What an outdoor weather station does
Weather stations, also known as Weather Stations or “outdoor” weather instruments, provide meteorological data such as temperature, humidity, atmospheric pressure, and rainfall. They can be used for different public services (weather forecast), education, or personal usage. All outdoor weather stations consist of a compact unit attached to the roof of a house or building without causing any discomfort to the inhabitants.
The equipment contains typically:
a) A Sensor: It measures physical phenomena and sends them by wire (copper wiring) up to the display unit using electricity.
b) A Display Unit: This part consists of two main components; a transmitter and a receiver. The data measured by the sensors is sent from the transmitter to the receiver, where the information is processed and given as an output.
c) An Indoor Unit: The indoor unit consists of a self-contained display device designed to be placed anywhere indoors within a building. This part doesn’t have any wiring or power supply as it gets all its power from batteries or from being plugged into the mains electricity supply.
d) External Accessories: Additional equipment can be acquired separately, such as data loggers, remote sensors for outside measurements, etc., which increases the functionality of the weather station by providing additional information about conditions outdoors.
e] Sensors: Several types of sensors measure different physical phenomena to give an accurate picture of atmospheric conditions in various locations. These are used to measure air temperature, humidity, rainfall, barometric pressure, and wind speed. Temperature is measured by a thermometer with a sensor that consists of two parts; one part is placed outside near the measuring device while the other remains inside where the display unit is placed. The most commonly used machines for this process are mercury-in-glass thermometers or solid-state sensors in wireless digital outdoor units.
Sensors that measure humidity are typically called psychrometers and consist of two thermometers whose temperatures are very close but have different sensitivities to moisture. One is kept dry while the other is exposed to the surrounding air to evaporation on it. The difference between its temperature and that of the dry bulb indicates how much water vapor is in the air. The most common type of rainfall sensor uses a rotating impeller that spins due to the gravitational force when it is facing downwards towards the ground. An electrical contact breaks as soon as this happens, causing electricity to flow through the coiled wire, creating resistance and producing voltage pulses representing each impeller’s rotation. This type of sensor can be used for various purposes, such as irrigation or collecting rainwater.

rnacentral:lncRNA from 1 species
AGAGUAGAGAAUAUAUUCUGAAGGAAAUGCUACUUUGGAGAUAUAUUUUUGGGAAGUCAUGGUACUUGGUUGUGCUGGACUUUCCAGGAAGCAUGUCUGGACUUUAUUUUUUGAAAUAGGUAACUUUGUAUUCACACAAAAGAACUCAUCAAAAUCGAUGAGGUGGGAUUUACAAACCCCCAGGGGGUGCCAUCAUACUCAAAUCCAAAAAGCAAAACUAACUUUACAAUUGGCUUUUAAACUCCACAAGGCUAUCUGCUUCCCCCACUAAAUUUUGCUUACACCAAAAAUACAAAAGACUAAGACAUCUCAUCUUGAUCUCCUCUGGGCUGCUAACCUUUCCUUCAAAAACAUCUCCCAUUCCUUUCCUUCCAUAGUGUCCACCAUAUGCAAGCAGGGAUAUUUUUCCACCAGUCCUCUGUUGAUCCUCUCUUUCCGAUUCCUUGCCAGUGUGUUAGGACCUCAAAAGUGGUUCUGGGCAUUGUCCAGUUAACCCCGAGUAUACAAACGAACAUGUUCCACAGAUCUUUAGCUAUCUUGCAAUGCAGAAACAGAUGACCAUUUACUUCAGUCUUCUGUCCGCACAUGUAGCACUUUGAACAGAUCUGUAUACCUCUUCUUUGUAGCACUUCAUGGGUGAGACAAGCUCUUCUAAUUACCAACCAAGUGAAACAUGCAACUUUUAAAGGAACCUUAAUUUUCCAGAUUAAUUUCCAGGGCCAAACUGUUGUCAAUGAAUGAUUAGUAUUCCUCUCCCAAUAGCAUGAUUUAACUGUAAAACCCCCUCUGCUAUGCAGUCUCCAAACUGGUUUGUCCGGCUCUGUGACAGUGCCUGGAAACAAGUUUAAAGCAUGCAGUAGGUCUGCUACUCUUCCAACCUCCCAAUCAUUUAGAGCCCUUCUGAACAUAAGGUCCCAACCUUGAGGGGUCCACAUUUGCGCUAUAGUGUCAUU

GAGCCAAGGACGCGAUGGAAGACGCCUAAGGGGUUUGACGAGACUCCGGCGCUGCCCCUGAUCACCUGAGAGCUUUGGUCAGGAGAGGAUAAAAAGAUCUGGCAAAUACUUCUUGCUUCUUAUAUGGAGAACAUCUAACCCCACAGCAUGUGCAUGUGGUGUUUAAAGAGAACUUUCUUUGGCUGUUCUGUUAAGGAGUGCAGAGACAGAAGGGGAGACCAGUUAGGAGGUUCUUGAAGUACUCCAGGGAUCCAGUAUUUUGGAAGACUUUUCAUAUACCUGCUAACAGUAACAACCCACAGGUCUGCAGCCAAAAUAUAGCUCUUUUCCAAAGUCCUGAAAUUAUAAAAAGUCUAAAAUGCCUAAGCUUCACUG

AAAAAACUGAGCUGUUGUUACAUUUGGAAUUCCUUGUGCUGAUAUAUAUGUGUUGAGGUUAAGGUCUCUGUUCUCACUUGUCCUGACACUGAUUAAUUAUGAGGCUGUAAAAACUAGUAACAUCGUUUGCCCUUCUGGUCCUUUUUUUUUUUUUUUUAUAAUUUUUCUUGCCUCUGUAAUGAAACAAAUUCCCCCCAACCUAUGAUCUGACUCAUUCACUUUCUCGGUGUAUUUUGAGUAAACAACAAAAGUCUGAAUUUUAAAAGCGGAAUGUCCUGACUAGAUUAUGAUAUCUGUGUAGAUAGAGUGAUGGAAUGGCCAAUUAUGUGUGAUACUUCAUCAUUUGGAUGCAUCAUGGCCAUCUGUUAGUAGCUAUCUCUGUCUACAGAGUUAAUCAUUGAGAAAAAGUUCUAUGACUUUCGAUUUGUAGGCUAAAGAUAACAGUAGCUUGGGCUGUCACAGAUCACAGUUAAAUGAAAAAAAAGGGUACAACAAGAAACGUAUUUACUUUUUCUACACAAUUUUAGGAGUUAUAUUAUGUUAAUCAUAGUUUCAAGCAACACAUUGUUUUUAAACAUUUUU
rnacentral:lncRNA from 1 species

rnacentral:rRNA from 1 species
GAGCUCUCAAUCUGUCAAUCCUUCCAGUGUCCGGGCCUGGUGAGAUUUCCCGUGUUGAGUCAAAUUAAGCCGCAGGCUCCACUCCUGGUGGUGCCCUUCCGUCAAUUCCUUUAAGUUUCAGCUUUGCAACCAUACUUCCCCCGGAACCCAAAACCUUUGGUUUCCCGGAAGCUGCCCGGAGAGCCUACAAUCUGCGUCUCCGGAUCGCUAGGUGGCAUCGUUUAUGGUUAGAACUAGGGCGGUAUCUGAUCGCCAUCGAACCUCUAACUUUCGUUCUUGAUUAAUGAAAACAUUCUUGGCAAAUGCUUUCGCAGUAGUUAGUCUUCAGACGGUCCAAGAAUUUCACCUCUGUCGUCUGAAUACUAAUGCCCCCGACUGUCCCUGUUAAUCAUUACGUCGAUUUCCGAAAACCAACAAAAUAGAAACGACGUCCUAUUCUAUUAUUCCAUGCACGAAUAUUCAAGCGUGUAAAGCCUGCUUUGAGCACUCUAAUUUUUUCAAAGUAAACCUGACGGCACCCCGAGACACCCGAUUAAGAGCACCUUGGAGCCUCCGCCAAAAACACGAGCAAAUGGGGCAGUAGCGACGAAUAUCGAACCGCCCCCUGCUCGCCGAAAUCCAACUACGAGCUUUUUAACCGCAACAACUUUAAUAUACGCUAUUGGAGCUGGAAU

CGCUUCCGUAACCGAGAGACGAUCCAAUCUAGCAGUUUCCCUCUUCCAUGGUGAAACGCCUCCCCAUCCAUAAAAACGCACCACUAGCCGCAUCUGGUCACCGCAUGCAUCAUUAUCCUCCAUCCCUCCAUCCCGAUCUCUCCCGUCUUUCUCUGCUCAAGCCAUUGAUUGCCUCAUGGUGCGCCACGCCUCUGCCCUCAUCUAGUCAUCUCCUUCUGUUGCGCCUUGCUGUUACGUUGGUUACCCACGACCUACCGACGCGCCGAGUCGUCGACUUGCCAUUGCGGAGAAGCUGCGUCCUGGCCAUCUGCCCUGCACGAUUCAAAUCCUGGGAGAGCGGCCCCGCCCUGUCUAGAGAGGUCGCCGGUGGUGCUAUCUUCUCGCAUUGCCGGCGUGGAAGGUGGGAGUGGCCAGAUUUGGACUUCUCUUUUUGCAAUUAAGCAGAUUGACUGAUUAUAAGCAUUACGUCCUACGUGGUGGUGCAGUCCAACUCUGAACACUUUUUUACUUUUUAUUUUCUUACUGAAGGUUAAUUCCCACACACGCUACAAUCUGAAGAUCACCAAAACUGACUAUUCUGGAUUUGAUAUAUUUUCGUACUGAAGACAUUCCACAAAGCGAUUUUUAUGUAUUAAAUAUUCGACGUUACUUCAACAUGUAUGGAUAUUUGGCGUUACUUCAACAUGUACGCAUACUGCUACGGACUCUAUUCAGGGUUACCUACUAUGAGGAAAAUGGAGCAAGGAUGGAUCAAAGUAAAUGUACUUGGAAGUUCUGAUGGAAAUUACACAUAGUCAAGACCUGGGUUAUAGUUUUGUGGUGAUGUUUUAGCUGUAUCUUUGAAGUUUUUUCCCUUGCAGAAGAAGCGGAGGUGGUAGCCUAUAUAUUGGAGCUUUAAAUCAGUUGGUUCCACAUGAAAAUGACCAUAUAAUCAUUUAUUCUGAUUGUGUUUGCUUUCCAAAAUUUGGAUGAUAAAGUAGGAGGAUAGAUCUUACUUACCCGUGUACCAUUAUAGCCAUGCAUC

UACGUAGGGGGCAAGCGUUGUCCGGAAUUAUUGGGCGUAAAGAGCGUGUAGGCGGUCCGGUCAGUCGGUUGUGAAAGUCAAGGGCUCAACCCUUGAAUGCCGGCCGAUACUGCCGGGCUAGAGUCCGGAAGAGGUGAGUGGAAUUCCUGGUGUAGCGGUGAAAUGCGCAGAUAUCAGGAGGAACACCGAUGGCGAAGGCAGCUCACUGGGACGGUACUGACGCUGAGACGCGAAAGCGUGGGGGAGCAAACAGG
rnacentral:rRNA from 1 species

Barometric pressure sensors are usually mercury-in-glass barometers with an added gear mechanism that rotates electronic contacts every time there’s a change in atmospheric pressure. An electromagnet attached to these contacts actuates a reed switch that produces pulses proportional to the number of clicks per unit time. Pressure changes are usually minimal, and the speed (frequency) of these pulses is measured by the microcontroller, which converts them into a digital value that can be displayed. Wind sensors measure the effect produced by the wind on an object, such as vane type, ultrasonic, or hot-wire anemometers.